As for Michael Redgrave, he sought to prove the old adage that there are no small parts but only small actors. His oversized, hammy performance makes him more of a comic villain rather than genuine menace. Clearly he did not learn his lessons from the misguided “Mourning Becomes Electra” (featured in last week’s column).
Strangely, this version of “1984” was successful with audiences (anything even vaguely anti-Commie was a winner back then). Columbia’s exploitative ad campaign helped a lot, with tag lines like “Will Ecstasy Be a Crime…In the Terrifying World of the Future?” and “SEX OUTLAWED…the the terrifying world of tomorrow!” Columbia even re-released the film in 1961, long after O’Brien and Sterling had any box office appeal.
So where did the two “1984” productions vanish to? The BBC version was never telecast in the United States and it only began to appear on this side of the Atlantic during the past few years thanks to bootlegs of commercial British videos. As for the 1956 version, it was a staple on U.S. television for some time but then it was pulled out of release. It is not certain why this happened, although the most likely problem clearing the rights from the Orwell estate for home video release.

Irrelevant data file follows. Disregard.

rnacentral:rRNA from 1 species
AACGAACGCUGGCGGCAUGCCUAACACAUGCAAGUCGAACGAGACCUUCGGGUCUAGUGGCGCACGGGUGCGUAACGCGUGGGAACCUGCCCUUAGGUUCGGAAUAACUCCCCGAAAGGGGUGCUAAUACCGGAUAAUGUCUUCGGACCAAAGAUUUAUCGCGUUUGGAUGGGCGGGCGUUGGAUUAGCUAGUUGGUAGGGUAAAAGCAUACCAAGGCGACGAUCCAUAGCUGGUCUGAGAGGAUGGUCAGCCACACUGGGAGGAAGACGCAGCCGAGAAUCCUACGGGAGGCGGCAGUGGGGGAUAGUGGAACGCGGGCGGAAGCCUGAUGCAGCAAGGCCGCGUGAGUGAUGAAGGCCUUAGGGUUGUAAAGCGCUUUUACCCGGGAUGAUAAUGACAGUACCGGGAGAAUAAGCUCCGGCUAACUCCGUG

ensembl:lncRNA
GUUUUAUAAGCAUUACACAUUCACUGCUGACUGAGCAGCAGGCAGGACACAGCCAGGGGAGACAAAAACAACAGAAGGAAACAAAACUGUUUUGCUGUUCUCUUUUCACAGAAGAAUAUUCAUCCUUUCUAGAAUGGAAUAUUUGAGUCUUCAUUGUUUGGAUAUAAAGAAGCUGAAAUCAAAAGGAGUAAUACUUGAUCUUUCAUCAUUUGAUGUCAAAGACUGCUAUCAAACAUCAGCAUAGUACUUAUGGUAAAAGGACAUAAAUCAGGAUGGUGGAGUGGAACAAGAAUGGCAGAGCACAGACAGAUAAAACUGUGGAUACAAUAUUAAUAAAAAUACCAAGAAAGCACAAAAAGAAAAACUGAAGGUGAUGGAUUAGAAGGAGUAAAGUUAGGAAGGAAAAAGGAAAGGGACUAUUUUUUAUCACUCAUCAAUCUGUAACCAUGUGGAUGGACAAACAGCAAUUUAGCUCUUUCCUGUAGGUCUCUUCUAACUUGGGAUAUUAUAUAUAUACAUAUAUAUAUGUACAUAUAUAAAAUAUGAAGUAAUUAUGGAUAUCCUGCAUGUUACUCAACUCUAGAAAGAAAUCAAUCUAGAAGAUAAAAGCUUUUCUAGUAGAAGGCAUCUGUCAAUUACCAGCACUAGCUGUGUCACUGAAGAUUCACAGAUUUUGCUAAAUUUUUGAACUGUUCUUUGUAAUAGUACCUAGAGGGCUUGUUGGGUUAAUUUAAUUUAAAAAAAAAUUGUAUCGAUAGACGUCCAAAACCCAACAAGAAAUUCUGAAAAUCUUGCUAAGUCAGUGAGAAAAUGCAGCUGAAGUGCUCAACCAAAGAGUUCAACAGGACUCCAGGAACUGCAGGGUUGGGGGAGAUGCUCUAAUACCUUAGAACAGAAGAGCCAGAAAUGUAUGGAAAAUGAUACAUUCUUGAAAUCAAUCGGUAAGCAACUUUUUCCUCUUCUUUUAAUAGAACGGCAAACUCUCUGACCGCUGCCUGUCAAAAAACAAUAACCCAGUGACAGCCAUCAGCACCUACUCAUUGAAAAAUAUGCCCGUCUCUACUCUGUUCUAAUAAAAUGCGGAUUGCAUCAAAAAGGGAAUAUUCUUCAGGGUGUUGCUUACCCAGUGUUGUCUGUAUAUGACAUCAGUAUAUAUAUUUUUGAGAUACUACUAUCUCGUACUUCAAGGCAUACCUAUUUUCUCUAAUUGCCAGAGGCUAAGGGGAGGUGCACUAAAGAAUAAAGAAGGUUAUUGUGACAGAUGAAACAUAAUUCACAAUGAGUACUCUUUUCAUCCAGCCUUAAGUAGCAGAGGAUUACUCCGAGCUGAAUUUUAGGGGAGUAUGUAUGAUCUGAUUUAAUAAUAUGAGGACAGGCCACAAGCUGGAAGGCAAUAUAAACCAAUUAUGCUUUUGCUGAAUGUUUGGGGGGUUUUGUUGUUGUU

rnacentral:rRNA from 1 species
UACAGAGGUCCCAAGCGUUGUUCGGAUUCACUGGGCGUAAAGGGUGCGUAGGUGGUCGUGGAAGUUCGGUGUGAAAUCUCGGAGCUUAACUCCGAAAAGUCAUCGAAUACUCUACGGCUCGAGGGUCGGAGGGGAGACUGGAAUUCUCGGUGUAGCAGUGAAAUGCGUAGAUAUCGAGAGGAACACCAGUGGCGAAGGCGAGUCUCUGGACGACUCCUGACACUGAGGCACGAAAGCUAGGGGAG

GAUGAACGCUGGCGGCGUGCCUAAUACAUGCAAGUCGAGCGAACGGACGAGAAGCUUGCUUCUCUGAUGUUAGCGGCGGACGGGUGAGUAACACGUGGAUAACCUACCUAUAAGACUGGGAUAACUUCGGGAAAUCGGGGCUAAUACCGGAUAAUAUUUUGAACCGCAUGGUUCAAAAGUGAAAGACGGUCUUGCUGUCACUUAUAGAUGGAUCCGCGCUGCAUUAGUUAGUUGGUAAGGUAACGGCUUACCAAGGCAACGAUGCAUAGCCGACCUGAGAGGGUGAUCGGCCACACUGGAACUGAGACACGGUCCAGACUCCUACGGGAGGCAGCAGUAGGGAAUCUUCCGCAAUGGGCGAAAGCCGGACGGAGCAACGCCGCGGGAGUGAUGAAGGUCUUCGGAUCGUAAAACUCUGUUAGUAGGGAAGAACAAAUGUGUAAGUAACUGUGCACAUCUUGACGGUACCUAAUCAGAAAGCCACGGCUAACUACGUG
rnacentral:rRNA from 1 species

Twenty years after the real 1984, people are still reading Orwell and still watching Big Brother watch Winston and Julia. Now if we can only find Eddie Albert revolting against Big Brother!
IMPORTANT NOTICE: The unauthorized duplication and distribution of copyright-protected material is not widely appreciated by the entertainment industry, and on occasion law enforcement personnel help boost their arrest quotas by collaring cheery cinephiles engaged in such activities. So if you are going to copy and sell bootleg videos, a word to the wise: don’t get caught. The purchase and ownership of bootleg videos, however, is perfectly legal and we think that’s just peachy! This column was brought to you by Phil Hall, a contributing editor at Film Threat and the man who knows where to get the good stuff…on video, that is.